keeper, sets him on his neck and walks
hack and forth in sight of the astound-
Pd stranger, b.eing guided by the gentle
prod of the hook. And if you ever
doubted there wns a language between
nnlmals. then, as a rule, comes an ex -
liibition that will conviiue you other -
v;tV" -lr;ro:--',A H?--B',V .' V-iii,v., "-.';')
-' ' " ' "7 '' ,
THE REAM. TO
brethren he takes in his keener at a
word of command and sets him on the j
massive neck. I
"From then on the animal is tamed, ;
and if properly treated, unless he be- j
conies musth,' will remain a faithful j
servant. The question now is whether j
you want the beast broken for work
or for the circus. If it is a (iv.esiii.-n
of pulling tree stumps or of mining.
Hat cars or of carrying lumber, all that
is necessary is to let him see the other
elephants at work." New Yoik Mai) .
How to Kill Animal IT iimnJH'Iy.
These two cuts, showing how and
whore cattle and horses can be instant
ly and mercifully killed by a single bul
let from ti rifle or a large revolver, are
taken from "How to Kill Animals IIu
inanely," prepared more than twenty ,
years ago by Dr. D. 1). Siade, Pro Cos-j
sor of Zoology of Harvard University, j
It is a terrible pity that the thousands'
of sick and well cattle which have re-!
eently been killed under the direction
of United States ollicers could not have
j been killed in this ncivli'ul manner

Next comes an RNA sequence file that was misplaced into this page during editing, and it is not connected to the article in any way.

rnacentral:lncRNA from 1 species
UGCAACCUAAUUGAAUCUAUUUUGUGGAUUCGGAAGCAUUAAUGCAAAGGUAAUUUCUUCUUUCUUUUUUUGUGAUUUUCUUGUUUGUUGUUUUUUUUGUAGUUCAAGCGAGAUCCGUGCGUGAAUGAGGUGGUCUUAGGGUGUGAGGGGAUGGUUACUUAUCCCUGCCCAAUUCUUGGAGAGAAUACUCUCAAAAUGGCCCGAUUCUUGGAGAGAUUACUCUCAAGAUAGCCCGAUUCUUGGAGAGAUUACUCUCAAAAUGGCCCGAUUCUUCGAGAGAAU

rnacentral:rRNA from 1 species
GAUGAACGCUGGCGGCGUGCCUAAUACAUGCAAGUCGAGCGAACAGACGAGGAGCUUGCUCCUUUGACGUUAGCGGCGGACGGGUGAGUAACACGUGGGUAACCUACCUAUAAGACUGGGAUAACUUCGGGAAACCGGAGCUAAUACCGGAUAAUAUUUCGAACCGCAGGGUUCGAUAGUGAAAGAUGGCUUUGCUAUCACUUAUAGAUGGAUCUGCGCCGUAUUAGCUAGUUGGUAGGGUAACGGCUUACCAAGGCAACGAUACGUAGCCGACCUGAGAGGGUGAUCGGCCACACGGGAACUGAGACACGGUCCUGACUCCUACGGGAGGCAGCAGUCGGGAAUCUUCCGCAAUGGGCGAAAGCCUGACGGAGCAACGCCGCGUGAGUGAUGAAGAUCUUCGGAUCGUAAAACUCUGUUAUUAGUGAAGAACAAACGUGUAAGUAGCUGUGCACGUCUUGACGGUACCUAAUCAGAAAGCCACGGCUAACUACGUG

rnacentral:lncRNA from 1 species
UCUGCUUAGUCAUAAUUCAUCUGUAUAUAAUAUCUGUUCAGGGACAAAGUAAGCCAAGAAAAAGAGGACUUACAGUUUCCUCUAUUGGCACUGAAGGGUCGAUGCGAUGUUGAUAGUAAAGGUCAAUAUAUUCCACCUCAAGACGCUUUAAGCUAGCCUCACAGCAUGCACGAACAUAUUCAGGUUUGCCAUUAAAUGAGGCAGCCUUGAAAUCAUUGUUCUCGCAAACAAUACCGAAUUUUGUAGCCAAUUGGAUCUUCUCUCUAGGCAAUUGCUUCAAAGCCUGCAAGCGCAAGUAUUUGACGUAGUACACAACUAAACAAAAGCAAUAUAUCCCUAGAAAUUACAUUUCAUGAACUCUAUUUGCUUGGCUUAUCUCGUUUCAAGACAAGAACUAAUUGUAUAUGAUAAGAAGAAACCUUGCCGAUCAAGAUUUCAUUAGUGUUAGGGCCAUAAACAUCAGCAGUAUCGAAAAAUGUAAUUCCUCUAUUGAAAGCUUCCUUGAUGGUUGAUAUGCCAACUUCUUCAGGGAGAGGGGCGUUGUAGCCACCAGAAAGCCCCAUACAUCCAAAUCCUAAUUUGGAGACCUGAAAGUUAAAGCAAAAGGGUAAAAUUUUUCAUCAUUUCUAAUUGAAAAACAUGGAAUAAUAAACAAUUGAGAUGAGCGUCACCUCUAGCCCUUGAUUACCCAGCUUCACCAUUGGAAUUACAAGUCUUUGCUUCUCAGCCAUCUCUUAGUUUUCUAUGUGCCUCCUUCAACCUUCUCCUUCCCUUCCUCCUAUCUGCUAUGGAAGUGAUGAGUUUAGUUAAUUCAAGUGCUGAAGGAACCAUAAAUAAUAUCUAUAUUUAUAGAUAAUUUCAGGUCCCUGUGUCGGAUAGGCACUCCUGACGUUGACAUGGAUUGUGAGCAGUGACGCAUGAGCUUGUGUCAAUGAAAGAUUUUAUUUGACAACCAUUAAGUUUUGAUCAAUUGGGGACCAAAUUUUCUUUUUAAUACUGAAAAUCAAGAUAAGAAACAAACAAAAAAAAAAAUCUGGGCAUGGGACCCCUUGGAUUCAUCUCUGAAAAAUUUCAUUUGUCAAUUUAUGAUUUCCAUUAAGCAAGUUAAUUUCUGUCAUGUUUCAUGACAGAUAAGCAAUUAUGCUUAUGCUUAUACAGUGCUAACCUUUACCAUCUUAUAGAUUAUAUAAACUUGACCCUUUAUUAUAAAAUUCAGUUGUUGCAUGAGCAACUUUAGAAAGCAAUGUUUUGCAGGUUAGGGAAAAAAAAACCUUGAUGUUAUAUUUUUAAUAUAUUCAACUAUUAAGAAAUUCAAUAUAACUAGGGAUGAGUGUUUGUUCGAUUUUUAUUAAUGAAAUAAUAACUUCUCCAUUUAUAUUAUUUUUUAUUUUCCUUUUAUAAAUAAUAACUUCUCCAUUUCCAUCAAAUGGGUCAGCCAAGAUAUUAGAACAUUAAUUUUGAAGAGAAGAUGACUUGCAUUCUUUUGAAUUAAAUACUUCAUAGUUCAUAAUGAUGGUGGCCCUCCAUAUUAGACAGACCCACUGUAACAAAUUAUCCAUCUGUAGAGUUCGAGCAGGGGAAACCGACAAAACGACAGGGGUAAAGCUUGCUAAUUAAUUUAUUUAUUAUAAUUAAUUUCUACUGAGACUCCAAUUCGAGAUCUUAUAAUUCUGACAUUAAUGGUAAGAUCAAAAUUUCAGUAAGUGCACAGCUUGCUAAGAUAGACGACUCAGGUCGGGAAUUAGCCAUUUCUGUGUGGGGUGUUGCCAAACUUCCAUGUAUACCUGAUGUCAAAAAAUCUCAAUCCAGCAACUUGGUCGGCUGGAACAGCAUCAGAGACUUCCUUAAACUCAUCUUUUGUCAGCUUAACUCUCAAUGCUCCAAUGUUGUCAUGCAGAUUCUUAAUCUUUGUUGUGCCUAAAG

: ratlcr than be pound -d to death,
J Lou of feilow.-: wear thcnis' Ives on
. in t.;f;rrt to haw- a ;. ed time.
V) V v,
AS V.T. tali;.
IIcit "I jiiM hi aid finiij i.ew.( that
. t;;.' :r s to-i od io be true."
I Jo: -'Thai's loo bad."-I'h;ir.,l. .
Lawyer "What is your business':''
Yrituess "I am a conductor."
Lawyer "Railway, musical or light
iilng':" New York Journal.
HAS HIS DOUIJTS.
"Truth lies at the bottom of a v.il."
said the man who quotes.
"Not at the bottom of an oil well,
I'll bet," snarled the man who a 1 in
vest cel. P.altimoro Herald.
Purebijcr "So this Is an Improved
Agent "Yes; if yen don't know haw
to spell a word there is a hey that will
make a blot'-Rhiladelphia Record.
"How did you ever manag3 to got
on the good side cf that crusty old
uncle of ycurs?" asked Fan.
"Fed him the things he liked when
he came to visit us," replied Nan.
"The good side of any man is his in
side." Chicago Tribune.
TEST OF ALTRUISM.
Little Willle-'Ta, what's an al-..u-ist?"
Ills rather "A man, my child, who
carries his umbrella all day withoul
using it, and then is glad it didn't rain
on account of the people who htul no
umbrellas with them." Judge.
"How sad Miss Forlorn looks,'' re
marked the guest sympathetically.
"Yes, -poor thing," replied her host
ess, "she was disappointed in love."
"And who is that awfully sour look
"Oh, that is Mrs. Ketcham. She was
disappointed in marriage." Nov; Yoi'if
- vw. niS FALL.
"Speaking of bad falls," remarked
Joggers, "I fell out of a window once
and the sensation was terrible. Dur
ing my transit through the air I really
believe I thought of every mean act
I ever committed in my life."
"IFm," growled Jigging, "you must
have fallen an awful distance." Nov;
THE EASIEST WAY.
' W fill I
h-::!J i!l- '
y.vAC "Phwat name did ye
r vca anderscmertoo-
Maid-"Yes, sor. Vs'lll ye iilaze vrall;
u;) stairs an' an' bring it wid ye'. --.
A NATION'.? BLUFF.
"Do you want war?" asked the p.lui?
"Certainly iiel," arswered ho I:!;:r.
"Tiien why do yea as-ume such a
defhiLt and brllleose auiinde?"
; "--cause 1 have reason to susncet
lithe.: ta-j tjih.-r oe.ma'y is cici
v. J I M 1
C. I '! , " I1 I
yrvse to war than I am." Wa hi-